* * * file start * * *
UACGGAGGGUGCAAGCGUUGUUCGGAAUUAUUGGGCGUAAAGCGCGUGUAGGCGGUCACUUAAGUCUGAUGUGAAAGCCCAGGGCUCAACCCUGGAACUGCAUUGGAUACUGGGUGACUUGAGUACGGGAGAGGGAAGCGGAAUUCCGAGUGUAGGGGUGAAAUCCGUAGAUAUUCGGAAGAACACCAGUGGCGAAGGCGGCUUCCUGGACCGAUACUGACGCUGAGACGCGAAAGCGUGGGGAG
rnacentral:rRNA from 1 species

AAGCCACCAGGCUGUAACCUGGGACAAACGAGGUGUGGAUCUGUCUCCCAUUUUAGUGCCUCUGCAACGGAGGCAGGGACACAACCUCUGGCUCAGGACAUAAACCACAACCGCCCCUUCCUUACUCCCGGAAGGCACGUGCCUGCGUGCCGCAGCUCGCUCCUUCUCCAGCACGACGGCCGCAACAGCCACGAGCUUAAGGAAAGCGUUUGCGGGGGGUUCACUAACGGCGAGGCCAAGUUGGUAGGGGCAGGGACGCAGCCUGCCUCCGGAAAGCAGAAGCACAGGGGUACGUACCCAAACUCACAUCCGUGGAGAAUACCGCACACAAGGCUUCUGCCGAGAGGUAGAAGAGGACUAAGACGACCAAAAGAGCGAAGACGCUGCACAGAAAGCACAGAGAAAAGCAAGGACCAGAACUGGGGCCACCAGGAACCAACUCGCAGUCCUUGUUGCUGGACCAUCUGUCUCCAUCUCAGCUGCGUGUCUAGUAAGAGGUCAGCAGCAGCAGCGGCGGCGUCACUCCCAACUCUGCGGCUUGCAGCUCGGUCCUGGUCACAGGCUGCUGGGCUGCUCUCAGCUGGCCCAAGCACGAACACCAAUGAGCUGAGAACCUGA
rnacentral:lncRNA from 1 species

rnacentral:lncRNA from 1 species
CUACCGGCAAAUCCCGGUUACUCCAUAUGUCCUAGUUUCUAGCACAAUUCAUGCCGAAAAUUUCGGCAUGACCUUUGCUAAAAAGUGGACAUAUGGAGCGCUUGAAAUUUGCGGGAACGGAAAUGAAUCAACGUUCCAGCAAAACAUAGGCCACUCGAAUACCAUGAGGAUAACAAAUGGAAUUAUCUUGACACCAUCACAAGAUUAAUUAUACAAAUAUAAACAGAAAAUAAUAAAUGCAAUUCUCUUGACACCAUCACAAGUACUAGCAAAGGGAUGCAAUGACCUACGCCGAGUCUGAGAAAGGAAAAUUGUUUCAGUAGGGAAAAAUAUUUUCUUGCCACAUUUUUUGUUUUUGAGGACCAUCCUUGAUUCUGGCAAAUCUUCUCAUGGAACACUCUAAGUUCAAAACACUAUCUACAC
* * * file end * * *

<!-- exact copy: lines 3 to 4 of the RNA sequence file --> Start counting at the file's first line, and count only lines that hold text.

AAGCCACCAGGCUGUAACCUGGGACAAACGAGGUGUGGAUCUGUCUCCCAUUUUAGUGCCUCUGCAACGGAGGCAGGGACACAACCUCUGGCUCAGGACAUAAACCACAACCGCCCCUUCCUUACUCCCGGAAGGCACGUGCCUGCGUGCCGCAGCUCGCUCCUUCUCCAGCACGACGGCCGCAACAGCCACGAGCUUAAGGAAAGCGUUUGCGGGGGGUUCACUAACGGCGAGGCCAAGUUGGUAGGGGCAGGGACGCAGCCUGCCUCCGGAAAGCAGAAGCACAGGGGUACGUACCCAAACUCACAUCCGUGGAGAAUACCGCACACAAGGCUUCUGCCGAGAGGUAGAAGAGGACUAAGACGACCAAAAGAGCGAAGACGCUGCACAGAAAGCACAGAGAAAAGCAAGGACCAGAACUGGGGCCACCAGGAACCAACUCGCAGUCCUUGUUGCUGGACCAUCUGUCUCCAUCUCAGCUGCGUGUCUAGUAAGAGGUCAGCAGCAGCAGCGGCGGCGUCACUCCCAACUCUGCGGCUUGCAGCUCGGUCCUGGUCACAGGCUGCUGGGCUGCUCUCAGCUGGCCCAAGCACGAACACCAAUGAGCUGAGAACCUGA
rnacentral:lncRNA from 1 species